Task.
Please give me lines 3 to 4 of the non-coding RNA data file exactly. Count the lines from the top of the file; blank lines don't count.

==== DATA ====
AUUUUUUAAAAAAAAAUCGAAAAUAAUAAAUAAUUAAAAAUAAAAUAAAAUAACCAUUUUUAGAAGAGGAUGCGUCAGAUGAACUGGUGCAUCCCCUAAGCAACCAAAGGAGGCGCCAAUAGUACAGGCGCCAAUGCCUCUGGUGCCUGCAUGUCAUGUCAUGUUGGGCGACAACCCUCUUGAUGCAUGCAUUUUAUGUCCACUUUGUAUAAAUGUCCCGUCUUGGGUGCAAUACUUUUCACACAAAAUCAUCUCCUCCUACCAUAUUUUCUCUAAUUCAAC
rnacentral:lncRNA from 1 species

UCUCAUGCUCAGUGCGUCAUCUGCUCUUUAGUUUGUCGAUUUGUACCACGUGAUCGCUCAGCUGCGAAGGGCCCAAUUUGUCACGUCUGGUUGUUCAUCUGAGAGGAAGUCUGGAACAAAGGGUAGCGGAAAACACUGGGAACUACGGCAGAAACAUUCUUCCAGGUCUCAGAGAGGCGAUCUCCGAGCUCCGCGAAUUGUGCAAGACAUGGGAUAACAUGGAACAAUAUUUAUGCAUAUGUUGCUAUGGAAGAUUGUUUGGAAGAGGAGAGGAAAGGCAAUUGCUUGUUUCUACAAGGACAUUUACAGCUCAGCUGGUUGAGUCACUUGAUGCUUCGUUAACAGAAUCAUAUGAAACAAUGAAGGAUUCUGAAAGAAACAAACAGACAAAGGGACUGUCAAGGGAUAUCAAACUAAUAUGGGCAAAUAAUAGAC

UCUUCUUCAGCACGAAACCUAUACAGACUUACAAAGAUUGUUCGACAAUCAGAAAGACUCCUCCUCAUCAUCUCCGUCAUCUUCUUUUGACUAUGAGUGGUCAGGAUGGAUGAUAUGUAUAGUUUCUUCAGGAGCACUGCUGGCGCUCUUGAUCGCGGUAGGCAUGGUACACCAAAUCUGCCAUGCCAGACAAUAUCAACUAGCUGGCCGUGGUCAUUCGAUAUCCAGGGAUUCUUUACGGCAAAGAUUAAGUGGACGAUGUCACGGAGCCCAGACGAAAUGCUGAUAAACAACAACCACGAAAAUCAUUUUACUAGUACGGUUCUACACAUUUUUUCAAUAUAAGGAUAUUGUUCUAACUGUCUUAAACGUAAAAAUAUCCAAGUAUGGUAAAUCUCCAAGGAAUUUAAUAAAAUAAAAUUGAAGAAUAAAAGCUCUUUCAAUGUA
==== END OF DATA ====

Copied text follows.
UCUCAUGCUCAGUGCGUCAUCUGCUCUUUAGUUUGUCGAUUUGUACCACGUGAUCGCUCAGCUGCGAAGGGCCCAAUUUGUCACGUCUGGUUGUUCAUCUGAGAGGAAGUCUGGAACAAAGGGUAGCGGAAAACACUGGGAACUACGGCAGAAACAUUCUUCCAGGUCUCAGAGAGGCGAUCUCCGAGCUCCGCGAAUUGUGCAAGACAUGGGAUAACAUGGAACAAUAUUUAUGCAUAUGUUGCUAUGGAAGAUUGUUUGGAAGAGGAGAGGAAAGGCAAUUGCUUGUUUCUACAAGGACAUUUACAGCUCAGCUGGUUGAGUCACUUGAUGCUUCGUUAACAGAAUCAUAUGAAACAAUGAAGGAUUCUGAAAGAAACAAACAGACAAAGGGACUGUCAAGGGAUAUCAAACUAAUAUGGGCAAAUAAUAGAC

UCUUCUUCAGCACGAAACCUAUACAGACUUACAAAGAUUGUUCGACAAUCAGAAAGACUCCUCCUCAUCAUCUCCGUCAUCUUCUUUUGACUAUGAGUGGUCAGGAUGGAUGAUAUGUAUAGUUUCUUCAGGAGCACUGCUGGCGCUCUUGAUCGCGGUAGGCAUGGUACACCAAAUCUGCCAUGCCAGACAAUAUCAACUAGCUGGCCGUGGUCAUUCGAUAUCCAGGGAUUCUUUACGGCAAAGAUUAAGUGGACGAUGUCACGGAGCCCAGACGAAAUGCUGAUAAACAACAACCACGAAAAUCAUUUUACUAGUACGGUUCUACACAUUUUUUCAAUAUAAGGAUAUUGUUCUAACUGUCUUAAACGUAAAAAUAUCCAAGUAUGGUAAAUCUCCAAGGAAUUUAAUAAAAUAAAAUUGAAGAAUAAAAGCUCUUUCAAUGUA